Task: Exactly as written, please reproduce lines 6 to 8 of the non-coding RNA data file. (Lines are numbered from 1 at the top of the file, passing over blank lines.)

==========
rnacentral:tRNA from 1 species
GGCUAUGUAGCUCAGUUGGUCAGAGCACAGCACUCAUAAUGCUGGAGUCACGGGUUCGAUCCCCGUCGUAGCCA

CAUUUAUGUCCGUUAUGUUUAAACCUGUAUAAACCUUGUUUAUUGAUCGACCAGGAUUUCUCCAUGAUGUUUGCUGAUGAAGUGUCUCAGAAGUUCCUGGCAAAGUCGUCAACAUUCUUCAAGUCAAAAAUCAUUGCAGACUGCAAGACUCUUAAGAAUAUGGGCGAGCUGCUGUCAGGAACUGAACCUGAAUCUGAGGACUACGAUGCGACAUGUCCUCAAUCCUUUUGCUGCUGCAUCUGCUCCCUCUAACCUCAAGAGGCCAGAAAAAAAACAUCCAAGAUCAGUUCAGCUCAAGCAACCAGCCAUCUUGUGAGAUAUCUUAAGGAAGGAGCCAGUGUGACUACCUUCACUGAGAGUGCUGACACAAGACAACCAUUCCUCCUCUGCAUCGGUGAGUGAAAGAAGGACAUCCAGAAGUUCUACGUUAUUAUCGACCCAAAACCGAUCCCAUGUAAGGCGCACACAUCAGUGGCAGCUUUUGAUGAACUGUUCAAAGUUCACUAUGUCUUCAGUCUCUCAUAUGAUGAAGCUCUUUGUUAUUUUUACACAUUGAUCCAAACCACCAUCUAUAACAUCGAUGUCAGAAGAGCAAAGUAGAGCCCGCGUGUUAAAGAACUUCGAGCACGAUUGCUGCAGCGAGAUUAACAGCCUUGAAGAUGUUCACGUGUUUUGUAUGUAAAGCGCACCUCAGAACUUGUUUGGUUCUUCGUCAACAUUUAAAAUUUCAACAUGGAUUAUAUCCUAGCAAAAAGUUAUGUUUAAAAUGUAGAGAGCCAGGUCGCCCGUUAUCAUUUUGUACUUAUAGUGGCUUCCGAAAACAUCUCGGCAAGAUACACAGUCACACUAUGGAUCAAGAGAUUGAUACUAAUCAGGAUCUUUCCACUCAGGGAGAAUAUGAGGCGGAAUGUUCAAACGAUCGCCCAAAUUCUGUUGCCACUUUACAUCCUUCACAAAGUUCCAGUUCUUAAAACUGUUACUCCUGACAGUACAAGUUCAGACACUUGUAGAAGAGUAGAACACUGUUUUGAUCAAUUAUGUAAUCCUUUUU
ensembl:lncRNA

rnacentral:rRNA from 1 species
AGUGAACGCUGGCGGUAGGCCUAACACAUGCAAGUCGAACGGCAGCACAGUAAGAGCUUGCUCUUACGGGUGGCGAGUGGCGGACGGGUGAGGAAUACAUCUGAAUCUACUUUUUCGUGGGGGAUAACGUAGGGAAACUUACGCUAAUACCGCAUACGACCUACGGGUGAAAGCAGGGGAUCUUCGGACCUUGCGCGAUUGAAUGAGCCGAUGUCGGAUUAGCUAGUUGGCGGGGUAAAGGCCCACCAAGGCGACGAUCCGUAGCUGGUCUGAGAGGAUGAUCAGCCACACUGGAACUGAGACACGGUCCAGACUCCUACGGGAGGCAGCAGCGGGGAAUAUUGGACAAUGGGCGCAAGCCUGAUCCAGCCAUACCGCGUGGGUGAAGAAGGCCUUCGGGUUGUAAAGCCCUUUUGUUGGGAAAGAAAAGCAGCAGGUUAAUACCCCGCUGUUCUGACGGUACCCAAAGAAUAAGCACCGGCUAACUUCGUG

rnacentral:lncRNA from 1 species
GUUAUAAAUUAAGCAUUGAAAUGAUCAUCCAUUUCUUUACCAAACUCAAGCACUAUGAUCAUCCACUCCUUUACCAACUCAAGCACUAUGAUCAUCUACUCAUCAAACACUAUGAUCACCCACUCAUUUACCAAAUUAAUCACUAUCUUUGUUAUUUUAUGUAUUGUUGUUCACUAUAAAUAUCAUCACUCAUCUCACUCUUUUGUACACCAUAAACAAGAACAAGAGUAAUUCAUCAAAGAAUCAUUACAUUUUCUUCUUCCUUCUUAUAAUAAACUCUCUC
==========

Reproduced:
AGUGAACGCUGGCGGUAGGCCUAACACAUGCAAGUCGAACGGCAGCACAGUAAGAGCUUGCUCUUACGGGUGGCGAGUGGCGGACGGGUGAGGAAUACAUCUGAAUCUACUUUUUCGUGGGGGAUAACGUAGGGAAACUUACGCUAAUACCGCAUACGACCUACGGGUGAAAGCAGGGGAUCUUCGGACCUUGCGCGAUUGAAUGAGCCGAUGUCGGAUUAGCUAGUUGGCGGGGUAAAGGCCCACCAAGGCGACGAUCCGUAGCUGGUCUGAGAGGAUGAUCAGCCACACUGGAACUGAGACACGGUCCAGACUCCUACGGGAGGCAGCAGCGGGGAAUAUUGGACAAUGGGCGCAAGCCUGAUCCAGCCAUACCGCGUGGGUGAAGAAGGCCUUCGGGUUGUAAAGCCCUUUUGUUGGGAAAGAAAAGCAGCAGGUUAAUACCCCGCUGUUCUGACGGUACCCAAAGAAUAAGCACCGGCUAACUUCGUG

rnacentral:lncRNA from 1 species
GUUAUAAAUUAAGCAUUGAAAUGAUCAUCCAUUUCUUUACCAAACUCAAGCACUAUGAUCAUCCACUCCUUUACCAACUCAAGCACUAUGAUCAUCUACUCAUCAAACACUAUGAUCACCCACUCAUUUACCAAAUUAAUCACUAUCUUUGUUAUUUUAUGUAUUGUUGUUCACUAUAAAUAUCAUCACUCAUCUCACUCUUUUGUACACCAUAAACAAGAACAAGAGUAAUUCAUCAAAGAAUCAUUACAUUUUCUUCUUCCUUCUUAUAAUAAACUCUCUC